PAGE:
Labels are the metadata for Confluence pages. They make it easy to find and surface pages because you’ve added a helpful keyword (such as “recruiting,” “design,” or “marketing”) that can be searched by your team in Confluence. Searchers might not remember the exact title of the page, but you can narrow it down and find all pages related to a certain topic. Anyone with editing access can add labels to a page before or after publishing the page.

Learn more: How to add labels to a page →

Try these templates to kick off your project page

Project Plan

Perfect for projects of all sizes and complexities. Includes preformatted sections for problem statements, scopes, timelines, milestones, and deadlines.

Project Poster

Kicking off a project with a lot of unknowns? Use this template to identify the problem and validate assumptions.

90-Day Plan

Streamline the onboarding process by keeping everything that new employees need to know in one place.

Pro Tip

Make the ‘Expand’ element your best friend! It hides content so your page is more digestible while still offering more to those who want it. The human eye needs a break! -John McKiernan, Senior Product Marketing Manager, Jira Software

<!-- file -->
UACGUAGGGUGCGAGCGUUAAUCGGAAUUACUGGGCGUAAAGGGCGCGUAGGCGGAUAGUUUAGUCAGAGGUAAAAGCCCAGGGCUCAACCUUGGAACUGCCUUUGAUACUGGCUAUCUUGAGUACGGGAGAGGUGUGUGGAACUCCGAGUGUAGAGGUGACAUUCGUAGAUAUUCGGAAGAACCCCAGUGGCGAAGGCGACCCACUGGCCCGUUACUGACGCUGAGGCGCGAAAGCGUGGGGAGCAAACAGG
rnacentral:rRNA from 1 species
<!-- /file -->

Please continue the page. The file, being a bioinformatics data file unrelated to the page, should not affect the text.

Step 3: Keep your project on track

When you rely on email and status meetings to organize your project, progress tends to stall as information gets scattered into different siloes. Confluence centralizes both task management and communication. Follow along with our features below to get started.

Start discussions with inline comments

Thoughtful responses can get lost and lose context as email replies pile up. And if you neglect to copy someone or want to add them later on, it’s difficult for them to get up to speed. Inline comments allow anyone (or everyone) to huddle around an idea while referencing key information on the project page.

To leave an inline comment, highlight text on the page and the comment icon will appear.

inline comments

Team members with permission to access the page can respond to any comment. Plus, when a comment thread comes to its natural conclusion, comments can be resolved and cleared away.

Loop in team members with @mentions

@mentions on Confluence function like @mentions on social media platforms like Twitter, Instagram, and Slack. Type the @ symbol on a Confluence page or in a comment, begin spelling a team member’s first name, and a list will appear. Select the individual to ask a question or assign a task.

Endorse ideas with likes

Use likes when you want to support a comment or acknowledge you've seen one without clogging up the thread with another comment.